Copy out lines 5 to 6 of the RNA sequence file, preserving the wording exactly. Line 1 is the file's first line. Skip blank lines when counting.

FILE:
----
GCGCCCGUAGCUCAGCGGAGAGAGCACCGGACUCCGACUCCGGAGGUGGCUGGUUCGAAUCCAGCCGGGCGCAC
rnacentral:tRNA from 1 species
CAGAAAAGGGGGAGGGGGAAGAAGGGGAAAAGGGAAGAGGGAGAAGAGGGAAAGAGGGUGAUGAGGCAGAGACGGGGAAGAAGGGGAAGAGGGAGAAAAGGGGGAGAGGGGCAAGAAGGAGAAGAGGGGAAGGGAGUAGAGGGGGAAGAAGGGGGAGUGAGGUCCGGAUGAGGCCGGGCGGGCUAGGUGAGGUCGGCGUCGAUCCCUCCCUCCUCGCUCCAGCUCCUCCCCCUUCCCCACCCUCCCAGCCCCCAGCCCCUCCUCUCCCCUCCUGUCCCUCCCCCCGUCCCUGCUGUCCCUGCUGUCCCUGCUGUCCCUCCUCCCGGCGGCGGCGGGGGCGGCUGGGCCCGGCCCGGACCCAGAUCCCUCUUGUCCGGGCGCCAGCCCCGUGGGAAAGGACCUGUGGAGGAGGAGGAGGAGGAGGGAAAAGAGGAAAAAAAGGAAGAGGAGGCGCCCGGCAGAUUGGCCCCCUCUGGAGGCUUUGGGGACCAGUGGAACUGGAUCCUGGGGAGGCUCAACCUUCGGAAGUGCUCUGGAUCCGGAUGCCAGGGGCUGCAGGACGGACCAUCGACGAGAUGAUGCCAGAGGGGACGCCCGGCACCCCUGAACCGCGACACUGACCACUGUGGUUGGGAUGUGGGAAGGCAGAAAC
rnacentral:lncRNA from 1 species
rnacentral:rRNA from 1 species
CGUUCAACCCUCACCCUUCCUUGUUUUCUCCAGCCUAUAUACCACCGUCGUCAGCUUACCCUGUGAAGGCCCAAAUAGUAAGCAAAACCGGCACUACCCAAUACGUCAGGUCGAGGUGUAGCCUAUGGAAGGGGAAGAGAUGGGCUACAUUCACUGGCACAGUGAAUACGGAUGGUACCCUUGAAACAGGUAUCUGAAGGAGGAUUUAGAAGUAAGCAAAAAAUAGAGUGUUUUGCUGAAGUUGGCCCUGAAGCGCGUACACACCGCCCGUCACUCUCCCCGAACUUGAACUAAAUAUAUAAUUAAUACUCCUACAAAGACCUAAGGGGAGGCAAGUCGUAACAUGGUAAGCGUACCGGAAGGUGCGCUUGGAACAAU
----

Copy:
rnacentral:rRNA from 1 species
CGUUCAACCCUCACCCUUCCUUGUUUUCUCCAGCCUAUAUACCACCGUCGUCAGCUUACCCUGUGAAGGCCCAAAUAGUAAGCAAAACCGGCACUACCCAAUACGUCAGGUCGAGGUGUAGCCUAUGGAAGGGGAAGAGAUGGGCUACAUUCACUGGCACAGUGAAUACGGAUGGUACCCUUGAAACAGGUAUCUGAAGGAGGAUUUAGAAGUAAGCAAAAAAUAGAGUGUUUUGCUGAAGUUGGCCCUGAAGCGCGUACACACCGCCCGUCACUCUCCCCGAACUUGAACUAAAUAUAUAAUUAAUACUCCUACAAAGACCUAAGGGGAGGCAAGUCGUAACAUGGUAAGCGUACCGGAAGGUGCGCUUGGAACAAU